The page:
Parathyroid hormone (PTH) is a hypercalcemic hormone acting on kidneys, bone and intestine. PTH promotes calcium release from the bone, renal calcium reabsorption and phosphate excretion, and conversion of 25-hydroxyvitamin D to 1,25-dihydroxyvitamin D-3. Hyperparathyroidism consists in PTH elevation, which may be adapted (secondary hyperparathyroidism) or non-adapted to calcemia levels (primary hyperparathyroidism, familial hypercalcemia/hypocalciuria, tertiary hyperparathyroidism). Primary hyperparathyroidism (PHP) features hypercalcemia and elevated or inappropriate PTH elevation. PHP may be revealed by biological abnormalities such as hypercalcemia and can be accompanied by renal complications (hypercalciuria, nephrolithiasis, nephrocalcinosis) and/or osteoporosis. However, it can also be normocalcemic and calcium loading will be necessary to diagnosis it. The differential diagnosis of PHP is familial hypocalciuric hypercalcemia (FHH), a dominant autosomal disease implicating a calcium sensing receptor-inactivating mutation. It impairs parathyroid cell sensitivity to calcemia elevation and thus induces excessive PTH stimulation, leading to hypercalcemia. Secondary HP (SHP) consists in PTH elevation secondary to a stimulus that needs to be corrected. 25 OHvitD deficiency, kidney failure, renal hypercalciuria, malabsorption and some drugs can induce SHP. Tertiary HP (THP) consists in autonomous PTH secretion by the parathyroid glands after prolonged stimulation under SHP, of whatever cause. This parathyroid autonomy results from the polyclonal hyperplasia observed in SHP progressing toward monoclonal nodular proliferation, leading to nodular hyperplasia or parathyroid adenoma (or, exceptionally, carcinoma), with reduced expression of CaSR and vitamin D receptor. In patients under dialysis, the frontier between SHP and THP is a matter of debate. This review will focus on the pathophysiology of calcium, diagnosis, and management of hyperparathyroidism.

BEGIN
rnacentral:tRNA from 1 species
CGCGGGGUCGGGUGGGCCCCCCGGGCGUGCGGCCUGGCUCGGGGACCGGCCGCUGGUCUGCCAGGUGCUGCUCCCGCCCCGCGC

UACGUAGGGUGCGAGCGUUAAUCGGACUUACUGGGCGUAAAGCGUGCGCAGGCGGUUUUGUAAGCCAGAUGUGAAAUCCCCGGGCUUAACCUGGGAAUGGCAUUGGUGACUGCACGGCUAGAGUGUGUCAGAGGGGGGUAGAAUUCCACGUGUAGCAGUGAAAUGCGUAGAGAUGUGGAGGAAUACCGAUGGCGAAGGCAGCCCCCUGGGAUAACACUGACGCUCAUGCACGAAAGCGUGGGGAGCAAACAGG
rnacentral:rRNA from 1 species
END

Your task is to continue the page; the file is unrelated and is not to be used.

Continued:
Keywords: Calcemia; Calcium sensing receptor; Familial hypocalciuric hypercalcemia; Hyperparathyroidism; Parathyroid hormone.
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